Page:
Government targets reckless directors
The government has announced plans for tougher penalties against reckless directors.
Despite the UK already having one of the strongest disqualification regimes in the world – with disqualification periods ranging from 2 years up to 15 years for the worst offenders – the new measures will mean the rogue minority face stronger deterrents and more robust sanctions.
With around 1,200 directors disqualified each year, the government is determined to make sure those who flout their responsibilities, cost jobs and cause investors to lose their money face the strongest possible consequences.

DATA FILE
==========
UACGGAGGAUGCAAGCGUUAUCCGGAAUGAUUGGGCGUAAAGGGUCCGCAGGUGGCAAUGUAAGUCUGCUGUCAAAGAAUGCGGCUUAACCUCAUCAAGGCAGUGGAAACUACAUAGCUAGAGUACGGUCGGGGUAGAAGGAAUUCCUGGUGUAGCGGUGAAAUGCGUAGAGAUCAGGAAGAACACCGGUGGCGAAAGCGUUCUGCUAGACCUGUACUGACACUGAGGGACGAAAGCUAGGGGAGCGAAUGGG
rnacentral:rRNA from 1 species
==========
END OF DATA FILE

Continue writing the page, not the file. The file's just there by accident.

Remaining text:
The government states that the measures include:
- allowing government to intervene and ask the court to award compensation against a disqualified director to put money back in the pockets of victims. This would put them in a better position to get compensation if they are victims of a miscreant director;
- changing disqualification law so that judges will have a duty to take into account a wider range of matters when considering whether to disqualify an individual, such as their previous business failures, the nature of any losses, overseas conduct and breaches of specific laws;
- overseas directors convicted of an offence relating to a commercial matter overseas could be barred from being a director in the UK.
Government figures suggest that for every director disqualified, the economy is saved around £100,000 because of the detrimental action that their actions could have caused if they had not been disqualified.